To do this Patricks’ had had men flown to Dubai, mainly ex-army fellows, to be trained as stevedores and guards. One day, at the time of a shift change, the Webb Dock in Melbourne was suddenly swarming with armed guards with angry guard dogs in tow demanding that the crane drivers step down from their cabins and hand over their keys. In other words, they were being locked out of their work.
Now, I’m a Union girl. I have been since I started teaching in Wodonga Primary school some 55 years ago with 50 students in the one room and on less pay than the teacher next door with exactly the same conditions. He got more pay because he was male. The only people who seemed to care about this situation were in the union. Thus started a life time of union meetings and ALP membership. Being a unionist and ALP member hasn’t been without its heart ache or disappointments, but there remains a fundamental basic support for the belief that workers have the right to work, the right to organize and the right to withhold their labour. It was natural to me to support the MUA members.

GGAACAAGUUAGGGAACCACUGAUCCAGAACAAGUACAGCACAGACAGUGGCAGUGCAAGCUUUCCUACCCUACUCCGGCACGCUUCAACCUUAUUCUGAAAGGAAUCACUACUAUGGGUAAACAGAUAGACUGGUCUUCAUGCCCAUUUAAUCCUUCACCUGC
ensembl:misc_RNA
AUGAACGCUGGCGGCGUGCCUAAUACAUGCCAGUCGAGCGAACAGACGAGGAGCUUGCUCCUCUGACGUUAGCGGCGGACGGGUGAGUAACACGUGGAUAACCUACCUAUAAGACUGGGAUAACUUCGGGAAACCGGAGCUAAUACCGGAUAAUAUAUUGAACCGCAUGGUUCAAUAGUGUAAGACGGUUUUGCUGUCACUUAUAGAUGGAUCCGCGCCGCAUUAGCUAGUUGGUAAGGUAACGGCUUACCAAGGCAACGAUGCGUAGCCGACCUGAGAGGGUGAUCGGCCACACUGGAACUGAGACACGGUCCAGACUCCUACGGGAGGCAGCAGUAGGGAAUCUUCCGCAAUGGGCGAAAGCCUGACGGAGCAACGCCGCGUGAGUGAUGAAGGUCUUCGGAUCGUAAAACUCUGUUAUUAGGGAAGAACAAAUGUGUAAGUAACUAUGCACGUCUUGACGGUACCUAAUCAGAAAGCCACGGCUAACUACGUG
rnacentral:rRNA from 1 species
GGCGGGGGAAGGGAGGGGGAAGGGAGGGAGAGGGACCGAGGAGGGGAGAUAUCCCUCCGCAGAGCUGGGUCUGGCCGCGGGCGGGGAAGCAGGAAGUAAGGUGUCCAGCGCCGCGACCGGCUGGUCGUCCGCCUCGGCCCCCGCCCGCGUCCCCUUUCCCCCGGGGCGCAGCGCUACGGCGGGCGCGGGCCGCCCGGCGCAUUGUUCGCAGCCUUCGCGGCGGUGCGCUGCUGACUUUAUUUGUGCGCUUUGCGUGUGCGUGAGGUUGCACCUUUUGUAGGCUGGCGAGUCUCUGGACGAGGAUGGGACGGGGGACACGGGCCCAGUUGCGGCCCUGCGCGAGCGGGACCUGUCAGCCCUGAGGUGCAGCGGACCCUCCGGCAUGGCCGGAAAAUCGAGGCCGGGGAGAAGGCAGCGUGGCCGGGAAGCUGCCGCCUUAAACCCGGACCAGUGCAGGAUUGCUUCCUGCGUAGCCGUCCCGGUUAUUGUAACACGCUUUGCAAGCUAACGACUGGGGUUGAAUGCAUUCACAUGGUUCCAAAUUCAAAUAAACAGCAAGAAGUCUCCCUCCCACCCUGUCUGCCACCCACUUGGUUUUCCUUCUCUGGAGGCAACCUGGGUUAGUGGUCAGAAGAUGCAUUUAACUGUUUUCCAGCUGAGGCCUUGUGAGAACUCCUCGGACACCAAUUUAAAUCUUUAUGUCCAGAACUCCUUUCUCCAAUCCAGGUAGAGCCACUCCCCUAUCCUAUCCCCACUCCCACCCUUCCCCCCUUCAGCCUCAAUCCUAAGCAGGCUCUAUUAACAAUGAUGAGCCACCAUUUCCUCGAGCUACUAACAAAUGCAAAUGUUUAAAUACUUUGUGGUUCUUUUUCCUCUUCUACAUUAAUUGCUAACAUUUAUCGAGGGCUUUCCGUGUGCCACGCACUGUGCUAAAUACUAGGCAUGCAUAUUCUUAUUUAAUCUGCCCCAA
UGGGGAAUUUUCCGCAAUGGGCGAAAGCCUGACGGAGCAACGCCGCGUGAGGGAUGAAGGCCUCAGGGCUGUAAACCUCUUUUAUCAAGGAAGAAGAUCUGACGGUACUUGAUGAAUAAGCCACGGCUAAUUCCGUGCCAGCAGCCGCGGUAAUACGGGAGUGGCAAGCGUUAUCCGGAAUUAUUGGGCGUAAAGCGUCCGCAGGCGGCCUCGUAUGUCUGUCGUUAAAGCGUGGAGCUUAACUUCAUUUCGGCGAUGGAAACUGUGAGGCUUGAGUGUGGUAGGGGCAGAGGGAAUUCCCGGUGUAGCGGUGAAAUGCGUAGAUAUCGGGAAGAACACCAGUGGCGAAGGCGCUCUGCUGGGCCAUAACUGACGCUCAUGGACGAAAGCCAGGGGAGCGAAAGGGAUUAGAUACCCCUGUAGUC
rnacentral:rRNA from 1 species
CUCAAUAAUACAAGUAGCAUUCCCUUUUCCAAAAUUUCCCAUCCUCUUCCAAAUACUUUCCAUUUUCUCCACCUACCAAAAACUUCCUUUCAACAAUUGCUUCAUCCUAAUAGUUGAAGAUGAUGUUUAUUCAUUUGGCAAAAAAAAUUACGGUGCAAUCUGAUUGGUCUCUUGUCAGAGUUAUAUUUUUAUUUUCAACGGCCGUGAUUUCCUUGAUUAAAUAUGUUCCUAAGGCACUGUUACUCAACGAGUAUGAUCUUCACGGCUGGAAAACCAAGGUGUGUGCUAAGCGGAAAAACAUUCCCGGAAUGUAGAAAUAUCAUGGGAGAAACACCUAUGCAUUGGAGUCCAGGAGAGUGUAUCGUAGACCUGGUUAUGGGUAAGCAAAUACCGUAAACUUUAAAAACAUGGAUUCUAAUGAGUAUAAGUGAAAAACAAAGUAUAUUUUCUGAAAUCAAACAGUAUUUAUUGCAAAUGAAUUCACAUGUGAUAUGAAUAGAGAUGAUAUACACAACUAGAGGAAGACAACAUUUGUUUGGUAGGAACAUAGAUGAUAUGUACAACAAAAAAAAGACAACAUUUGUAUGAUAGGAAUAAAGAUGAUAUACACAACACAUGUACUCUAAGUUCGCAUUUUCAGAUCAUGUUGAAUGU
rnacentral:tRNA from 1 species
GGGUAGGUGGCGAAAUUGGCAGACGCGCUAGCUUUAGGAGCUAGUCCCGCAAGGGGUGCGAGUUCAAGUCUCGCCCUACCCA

We were living in Melbourne at the time although we had family here in Benalla. Naturally being a very conservative town there were many supporters of the lockout by Corrigan including the Victorian Farmer’s Federation (VFF) Benalla Branch and long term and current councillor, Peter Davis. Peter was widely known at the time to have volunteered for crane driving training and to have volunteered for Patricks' on the water front during the strike.
The call went out from the MUA for other unions and supporters to come to the waterfront. So, I went, not for the days and nights given by the unionists, but I felt my contribution of a day was at the very least one of support.
There was not a great deal the Union and supporters could do other than stand vigil at the gates. It was, and still is now, illegal to go on strike or prevent others from entering the place of work. All the fighting went on in the courts, with many legal eagles giving the unions support while others gave similar support to Patricks. In the end, the Unions won the court case, however they lost the battle as a follow up agreement between the union and Patricks meant many lost their jobs.
Patricks eventually went broke and lost out to Toll.
The union (MUA) is still active and peace reigns on the waterfront.